The Iraq Report: Amid political wrangling, Iran is still kingmaker

An Iraqi protester waves the national flag amid clashes with riot police at Baghdad's al-Khilani Square on February 19, 2020 during ongoing anti-government demonstrations. (Photo by AHMAD AL-RUBAYE / AFP) (Photo by AHMAD AL-RUBAYE/AFP via Getty Images)
6 min read
19 January, 2022
Iran views Iraq as its most important foreign policy arena and maintains excellent and deep ties with every faction. In other words, whoever wins in the Iraqi elections, Iran wins.

Since Shia cleric Moqtada al-Sadr surged to victory in a widely boycotted election last October, there has been a steady stream of news reports and analyses claiming that this could represent the beginning of the end of Iranian meddling in Iraqi affairs.

While such assessments are certainly optimistic, they may perhaps be naïve. Iran is still the single most powerful entity in Iraq today, and it is extraordinarily unlikely that Tehran – with Iraq as the central lynchpin to its regional strategy – will simply allow Baghdad to set its own course.

Political wrangling continues

The most significant recent development on the political scene was the reconvening of parliament earlier this month which – despite some bloodshed and hospitalisations – managed to re-elect Speaker Mohammed al-Halbousi.

The parliamentary session was marred by violence as the acting speaker and oldest member of parliament, Mahmoud al-Mashhadani, was accosted by angry parliamentarians who wanted to disrupt the inaugural session to slow negotiations down.

Mashhadani was hospitalised with minor injuries and was eventually discharged.

However, the Sadrists formed a coalition with the main Sunni bloc and Kurdish parties to cement another term in office for the Sunni Taqaddum Party leader.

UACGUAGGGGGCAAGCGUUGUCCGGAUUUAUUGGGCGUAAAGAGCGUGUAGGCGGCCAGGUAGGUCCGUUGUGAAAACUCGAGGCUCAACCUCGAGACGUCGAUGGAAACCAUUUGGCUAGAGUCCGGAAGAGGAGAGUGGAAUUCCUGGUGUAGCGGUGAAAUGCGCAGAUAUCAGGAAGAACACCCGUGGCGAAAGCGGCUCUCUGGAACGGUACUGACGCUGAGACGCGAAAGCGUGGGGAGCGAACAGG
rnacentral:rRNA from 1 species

"Iran is still the single most powerful entity in Iraq today, and it is extraordinarily unlikely that Tehran – with Iraq as the central lynchpin to its regional strategy – will simply allow Baghdad to set its own course"

Parliament now has 30 days to elect its next president, who has to be a Kurd. Once the president is elected, he must appoint a Shia prime minister within 15 days who must then form his cabinet to be approved once again by parliament.

However, this process is likely to be protracted, with the last election in 2018 taking approximately five months before a government was selected.

With the question settled for at least one of the three constitutional leadership positions – with the other two being the presidency and the premiership – it was clear that many parties were far from thrilled by the result and chose to express their dissatisfaction by other means.

Mashhadani himself, along with fellow lawmaker Basim Khachan, filed a petition with the Federal Supreme Court of Iraq last Thursday to investigate Halbousi’s re-election. While the details of the complaint are not clear, it has been suggested that Mashhadani was unhappy with how he was accosted.

The Supreme Court issued a temporary injunction suspending the speaker from his role, effectively freezing the activities of parliament as it cannot sit without him.

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The following day, Halbousi’s party headquarters in Baghdad were attacked when assailants threw hand grenades at the building last Friday, wounding two guards.

While some reports have sought to overplay Halbousi’s anti-Iran credentials, as well as that of Sadr himself, the reality is more complex.

Since his rise to prominence as governor of the restive Anbar governorate in 2017, Halbousi has worked closely with Iran-backed factions to cement his control over the Sunni region and to quash remnants of the Islamic State (IS) group.

Despite strong evidence that the Popular Mobilisation Forces (PMF) – an umbrella group of pro-Iran Shia groups that now operates as a formal part of the Iraqi armed forces – had committed atrocities against Sunni civilians in his governorate, Halbousi has not called for their accountability.

This cooperation with Tehran’s proxies and allies continued well into his speakership, a role he was appointed to in 2017, and Halbousi has now simply shifted alliances from the PMF-linked Coordination Framework to the Sadrists who have their own long history with Iran.